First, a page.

NARAYAN developed enough confidence in my abilities to let me translate Swami and Friends into Kannada when I was still a student. An Englishman writing in English or an Indian writing in his mother-tongue can use dialect which immediately establishes the class, caste and region a character hails from. But an Indian writing in English is denied this advantage. This is also one of the challenges a translator faces. I had made Swami and his gang use the schoolboy lingo of the Mysore region of the 1940s. Narayan liked it as it enhanced the novel's authenticity for the reader.

Narayan, in the words of a biographer, is widely regarded as India's greatest writer in English of the 20th century. He made no effort to show off his command of the English language and its idioms and artefacts. He studiously avoided vogue words and slang. Nor did he sprinkle too many Indian expressions except those which have now become part of standard English - like yogi and puja and mantra. Early in his career, he evolved a personal style in which the vocabulary was foreign but the tonal music was Indian. This served him well for 50 years and more. Farrukh Dhondy in a recent article expressed surprise that Narayan's style had not undergone any change over the decades. But which major author's style reveals such change? Jane Austen's? Dickens'? Chekhov's? Or even of novelists nearer our own days, such as Graham Greene or Iris Murdoch? It is only a lesser talent, like Stevenson's, that plays the sedulous ape. To have resisted the temptation of emulating the styles of contemporary masters like Bernard Shaw, Lawrence and Chesterton shows the grit and inner certitude of Narayan. By writing in English he was able to show that the human being in India was the same as the human being elsewhere, but by making his English so Indian in tone, he was able to bring out the distinctiveness of Indian life.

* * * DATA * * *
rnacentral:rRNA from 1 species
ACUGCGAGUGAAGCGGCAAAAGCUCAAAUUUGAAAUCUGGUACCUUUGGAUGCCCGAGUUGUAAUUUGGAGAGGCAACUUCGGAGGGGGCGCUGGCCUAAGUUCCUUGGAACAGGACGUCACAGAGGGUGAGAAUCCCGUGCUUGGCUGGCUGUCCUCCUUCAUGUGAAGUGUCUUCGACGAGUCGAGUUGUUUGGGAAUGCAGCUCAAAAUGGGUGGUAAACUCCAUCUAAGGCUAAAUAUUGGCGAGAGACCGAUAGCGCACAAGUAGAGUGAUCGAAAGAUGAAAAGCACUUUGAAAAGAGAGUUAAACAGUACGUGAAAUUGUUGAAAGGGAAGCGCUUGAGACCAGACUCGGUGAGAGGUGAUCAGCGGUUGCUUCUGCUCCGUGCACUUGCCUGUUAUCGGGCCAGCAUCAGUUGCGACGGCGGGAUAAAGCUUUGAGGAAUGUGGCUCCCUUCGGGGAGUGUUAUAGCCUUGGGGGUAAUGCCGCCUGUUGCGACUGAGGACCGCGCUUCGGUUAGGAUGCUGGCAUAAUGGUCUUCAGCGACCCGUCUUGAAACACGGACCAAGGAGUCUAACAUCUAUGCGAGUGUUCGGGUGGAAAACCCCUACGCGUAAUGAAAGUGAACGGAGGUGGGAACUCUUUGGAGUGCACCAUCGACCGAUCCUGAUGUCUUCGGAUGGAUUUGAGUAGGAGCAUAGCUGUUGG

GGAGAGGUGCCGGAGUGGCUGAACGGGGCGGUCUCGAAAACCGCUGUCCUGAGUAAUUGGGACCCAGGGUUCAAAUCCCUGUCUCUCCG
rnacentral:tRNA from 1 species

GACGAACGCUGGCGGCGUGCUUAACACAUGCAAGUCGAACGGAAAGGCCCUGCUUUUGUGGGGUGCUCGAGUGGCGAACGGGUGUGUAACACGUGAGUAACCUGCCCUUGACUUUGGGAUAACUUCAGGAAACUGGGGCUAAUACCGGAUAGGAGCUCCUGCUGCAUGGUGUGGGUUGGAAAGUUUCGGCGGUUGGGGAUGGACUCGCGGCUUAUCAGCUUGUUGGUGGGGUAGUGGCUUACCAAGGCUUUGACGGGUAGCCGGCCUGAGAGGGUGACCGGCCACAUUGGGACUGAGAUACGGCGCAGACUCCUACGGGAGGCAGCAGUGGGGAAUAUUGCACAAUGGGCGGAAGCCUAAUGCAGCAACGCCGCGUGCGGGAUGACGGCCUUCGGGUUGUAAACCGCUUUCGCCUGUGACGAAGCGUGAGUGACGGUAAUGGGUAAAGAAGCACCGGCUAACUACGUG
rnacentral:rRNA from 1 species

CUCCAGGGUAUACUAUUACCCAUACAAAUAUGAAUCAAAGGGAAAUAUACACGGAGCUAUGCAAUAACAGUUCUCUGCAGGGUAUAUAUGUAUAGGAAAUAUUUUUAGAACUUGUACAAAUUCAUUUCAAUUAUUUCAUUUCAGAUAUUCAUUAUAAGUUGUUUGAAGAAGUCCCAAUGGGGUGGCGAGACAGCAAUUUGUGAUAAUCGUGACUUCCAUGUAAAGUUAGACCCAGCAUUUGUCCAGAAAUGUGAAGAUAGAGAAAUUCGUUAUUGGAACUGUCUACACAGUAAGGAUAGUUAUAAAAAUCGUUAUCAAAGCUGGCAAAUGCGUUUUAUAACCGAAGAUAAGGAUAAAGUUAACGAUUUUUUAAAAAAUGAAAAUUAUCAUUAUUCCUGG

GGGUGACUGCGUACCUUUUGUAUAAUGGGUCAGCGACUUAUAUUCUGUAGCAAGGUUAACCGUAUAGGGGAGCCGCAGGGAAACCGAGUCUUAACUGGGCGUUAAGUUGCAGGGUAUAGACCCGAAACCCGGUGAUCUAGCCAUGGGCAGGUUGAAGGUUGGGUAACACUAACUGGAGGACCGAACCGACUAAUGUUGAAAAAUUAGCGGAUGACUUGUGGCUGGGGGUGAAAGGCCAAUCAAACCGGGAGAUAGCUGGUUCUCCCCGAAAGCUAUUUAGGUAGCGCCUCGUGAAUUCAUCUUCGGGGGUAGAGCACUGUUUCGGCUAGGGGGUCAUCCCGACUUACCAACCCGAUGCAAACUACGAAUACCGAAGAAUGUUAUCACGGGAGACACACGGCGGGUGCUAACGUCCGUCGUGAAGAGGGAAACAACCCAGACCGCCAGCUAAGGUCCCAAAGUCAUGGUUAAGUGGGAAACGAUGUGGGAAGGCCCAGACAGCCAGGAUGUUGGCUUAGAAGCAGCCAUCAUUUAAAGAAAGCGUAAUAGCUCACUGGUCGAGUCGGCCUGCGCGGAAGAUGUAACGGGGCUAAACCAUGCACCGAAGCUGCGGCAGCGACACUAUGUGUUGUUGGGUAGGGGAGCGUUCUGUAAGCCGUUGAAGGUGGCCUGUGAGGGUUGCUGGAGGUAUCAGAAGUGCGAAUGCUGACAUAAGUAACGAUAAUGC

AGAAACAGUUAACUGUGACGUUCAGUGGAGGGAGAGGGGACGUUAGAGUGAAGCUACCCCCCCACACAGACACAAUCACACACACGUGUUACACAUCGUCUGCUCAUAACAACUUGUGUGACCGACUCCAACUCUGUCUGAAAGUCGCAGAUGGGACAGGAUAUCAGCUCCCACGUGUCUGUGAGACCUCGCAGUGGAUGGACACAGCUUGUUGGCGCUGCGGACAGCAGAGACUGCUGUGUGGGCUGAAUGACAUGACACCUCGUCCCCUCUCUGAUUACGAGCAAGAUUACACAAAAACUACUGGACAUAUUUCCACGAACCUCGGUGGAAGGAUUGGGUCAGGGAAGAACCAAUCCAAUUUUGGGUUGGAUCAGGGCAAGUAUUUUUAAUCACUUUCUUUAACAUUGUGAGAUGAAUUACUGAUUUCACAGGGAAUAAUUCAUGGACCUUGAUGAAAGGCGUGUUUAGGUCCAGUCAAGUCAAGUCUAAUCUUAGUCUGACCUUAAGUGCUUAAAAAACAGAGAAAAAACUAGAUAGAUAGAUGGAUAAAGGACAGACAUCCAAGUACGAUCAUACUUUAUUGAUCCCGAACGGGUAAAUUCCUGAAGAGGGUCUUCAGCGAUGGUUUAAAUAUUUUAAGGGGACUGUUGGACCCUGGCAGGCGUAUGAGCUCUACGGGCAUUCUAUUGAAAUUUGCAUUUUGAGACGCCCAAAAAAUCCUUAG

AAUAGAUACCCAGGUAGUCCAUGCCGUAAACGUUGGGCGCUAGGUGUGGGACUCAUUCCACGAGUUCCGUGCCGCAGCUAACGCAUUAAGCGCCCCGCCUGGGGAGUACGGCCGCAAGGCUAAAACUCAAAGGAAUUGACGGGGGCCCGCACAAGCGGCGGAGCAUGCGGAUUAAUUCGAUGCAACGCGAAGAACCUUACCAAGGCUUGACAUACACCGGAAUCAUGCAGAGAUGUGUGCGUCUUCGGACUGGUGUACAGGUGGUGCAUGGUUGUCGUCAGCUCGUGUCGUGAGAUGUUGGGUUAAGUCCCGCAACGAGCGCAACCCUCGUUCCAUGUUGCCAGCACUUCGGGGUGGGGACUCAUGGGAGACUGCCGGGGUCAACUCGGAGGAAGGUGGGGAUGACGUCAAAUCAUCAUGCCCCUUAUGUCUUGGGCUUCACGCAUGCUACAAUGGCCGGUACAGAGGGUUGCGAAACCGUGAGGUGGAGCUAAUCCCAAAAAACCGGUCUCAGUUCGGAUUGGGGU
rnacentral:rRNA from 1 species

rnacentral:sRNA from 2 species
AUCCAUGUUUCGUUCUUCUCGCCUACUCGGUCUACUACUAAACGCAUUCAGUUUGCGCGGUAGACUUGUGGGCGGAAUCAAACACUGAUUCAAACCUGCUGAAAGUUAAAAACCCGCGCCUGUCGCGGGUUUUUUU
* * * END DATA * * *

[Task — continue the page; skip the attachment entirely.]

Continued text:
Evolve his individual style and view of life - which extends compassion to even the scoundrels, the wastrels and the failures - is what Narayan did in those early years in Mysore. He discovered that it was his lot to be a creative writer in English, and he developed an English that was Indian as well as his own and which would yet find ready acceptance wherever English was spoken. He worked hard at it without frittering away his time in literary wrangles and controversies or in acting out a role of the man of letters as a champion of public causes. He wrote his thousand or fifteen hundred words each day and refined and distilled them, cutting out every word he thought superfluous. He had no guru to show it to. Maybe when Swami was being written Kittu Purna saw the draft. Perhaps brother Srinivasan and the sociologist in the making, M.N. Srinivas, saw the drafts of a couple of later books. But Narayan was his own referee, sure of his judgment.

The one other person whose advice he always valued was Graham Greene. The moment his first novel was accepted by Hamish Hamilton at Greene's instance, Narayan stopped the newspapering he had been doing for his livelihood and concentrated on his art. It was hard going, particularly the first ten years, as the three novels that had been published in England had not brought in much money, unlike those of Rushdie, Seth and Arundhati Roy. But the tapas paid off. Recognition was not too late in coming.

SOMBODY asked me if Narayan was a saint who had no shortcomings at all. He had too much of humour to be a saint. And he was too humane and unambitious to develop into a public figure. And quite content if he was left alone. His more ebullient brother R.K. Laxman, 18 years his junior, loved to tease him about it. When Narayan was made a member of the Rajya Sabha, Laxman accompanied him to Parliament House. That evening at a dinner with friends, Laxman pulled his leg, saying: Famous author, eh? Nobody recognised him. Everyone in the Parliament corridors was pointing towards me and whispering: Did you see? It is R.K. Laxman.

An indulgent Narayan smiled his quiet smile. A mere writer is always at a disadvantage when compared with a visual or performing artist, particularly an author who is not a prophet.

H.Y. Sharada Prasad was Information Adviser in the Prime Minister's Office, working under Indira Gandhi and Rajiv Gandhi successively.